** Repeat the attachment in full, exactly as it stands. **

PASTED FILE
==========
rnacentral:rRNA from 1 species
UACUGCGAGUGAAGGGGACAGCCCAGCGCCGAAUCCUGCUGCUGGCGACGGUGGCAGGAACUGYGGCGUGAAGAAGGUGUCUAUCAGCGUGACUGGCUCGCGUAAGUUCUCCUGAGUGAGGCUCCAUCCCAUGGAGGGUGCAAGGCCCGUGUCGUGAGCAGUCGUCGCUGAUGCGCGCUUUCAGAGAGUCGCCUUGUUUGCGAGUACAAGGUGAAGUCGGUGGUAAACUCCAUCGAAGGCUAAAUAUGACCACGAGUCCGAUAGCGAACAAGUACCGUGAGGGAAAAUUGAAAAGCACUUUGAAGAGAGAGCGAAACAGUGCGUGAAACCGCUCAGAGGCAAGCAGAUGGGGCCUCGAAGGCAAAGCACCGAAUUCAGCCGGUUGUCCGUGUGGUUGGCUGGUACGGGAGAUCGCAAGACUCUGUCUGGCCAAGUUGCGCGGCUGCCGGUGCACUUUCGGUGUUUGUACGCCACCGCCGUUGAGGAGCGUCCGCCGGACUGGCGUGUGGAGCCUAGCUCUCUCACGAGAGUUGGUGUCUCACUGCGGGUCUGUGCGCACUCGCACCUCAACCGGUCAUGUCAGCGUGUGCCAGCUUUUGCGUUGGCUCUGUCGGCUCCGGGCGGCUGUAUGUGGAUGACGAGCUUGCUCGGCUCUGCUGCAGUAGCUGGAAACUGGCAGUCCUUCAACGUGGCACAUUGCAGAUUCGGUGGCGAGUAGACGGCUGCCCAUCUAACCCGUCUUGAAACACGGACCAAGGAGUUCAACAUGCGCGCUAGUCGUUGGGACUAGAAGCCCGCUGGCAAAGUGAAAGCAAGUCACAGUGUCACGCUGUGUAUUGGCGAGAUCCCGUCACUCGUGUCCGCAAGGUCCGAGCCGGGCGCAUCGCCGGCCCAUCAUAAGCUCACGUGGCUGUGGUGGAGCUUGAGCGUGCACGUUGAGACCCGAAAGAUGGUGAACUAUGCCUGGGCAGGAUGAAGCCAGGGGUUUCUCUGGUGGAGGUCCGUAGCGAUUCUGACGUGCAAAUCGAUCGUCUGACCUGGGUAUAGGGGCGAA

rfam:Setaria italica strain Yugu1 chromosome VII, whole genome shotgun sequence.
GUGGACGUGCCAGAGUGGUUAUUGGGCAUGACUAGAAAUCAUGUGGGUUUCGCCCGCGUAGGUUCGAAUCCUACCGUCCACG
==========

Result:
rnacentral:rRNA from 1 species
UACUGCGAGUGAAGGGGACAGCCCAGCGCCGAAUCCUGCUGCUGGCGACGGUGGCAGGAACUGYGGCGUGAAGAAGGUGUCUAUCAGCGUGACUGGCUCGCGUAAGUUCUCCUGAGUGAGGCUCCAUCCCAUGGAGGGUGCAAGGCCCGUGUCGUGAGCAGUCGUCGCUGAUGCGCGCUUUCAGAGAGUCGCCUUGUUUGCGAGUACAAGGUGAAGUCGGUGGUAAACUCCAUCGAAGGCUAAAUAUGACCACGAGUCCGAUAGCGAACAAGUACCGUGAGGGAAAAUUGAAAAGCACUUUGAAGAGAGAGCGAAACAGUGCGUGAAACCGCUCAGAGGCAAGCAGAUGGGGCCUCGAAGGCAAAGCACCGAAUUCAGCCGGUUGUCCGUGUGGUUGGCUGGUACGGGAGAUCGCAAGACUCUGUCUGGCCAAGUUGCGCGGCUGCCGGUGCACUUUCGGUGUUUGUACGCCACCGCCGUUGAGGAGCGUCCGCCGGACUGGCGUGUGGAGCCUAGCUCUCUCACGAGAGUUGGUGUCUCACUGCGGGUCUGUGCGCACUCGCACCUCAACCGGUCAUGUCAGCGUGUGCCAGCUUUUGCGUUGGCUCUGUCGGCUCCGGGCGGCUGUAUGUGGAUGACGAGCUUGCUCGGCUCUGCUGCAGUAGCUGGAAACUGGCAGUCCUUCAACGUGGCACAUUGCAGAUUCGGUGGCGAGUAGACGGCUGCCCAUCUAACCCGUCUUGAAACACGGACCAAGGAGUUCAACAUGCGCGCUAGUCGUUGGGACUAGAAGCCCGCUGGCAAAGUGAAAGCAAGUCACAGUGUCACGCUGUGUAUUGGCGAGAUCCCGUCACUCGUGUCCGCAAGGUCCGAGCCGGGCGCAUCGCCGGCCCAUCAUAAGCUCACGUGGCUGUGGUGGAGCUUGAGCGUGCACGUUGAGACCCGAAAGAUGGUGAACUAUGCCUGGGCAGGAUGAAGCCAGGGGUUUCUCUGGUGGAGGUCCGUAGCGAUUCUGACGUGCAAAUCGAUCGUCUGACCUGGGUAUAGGGGCGAA

rfam:Setaria italica strain Yugu1 chromosome VII, whole genome shotgun sequence.
GUGGACGUGCCAGAGUGGUUAUUGGGCAUGACUAGAAAUCAUGUGGGUUUCGCCCGCGUAGGUUCGAAUCCUACCGUCCACG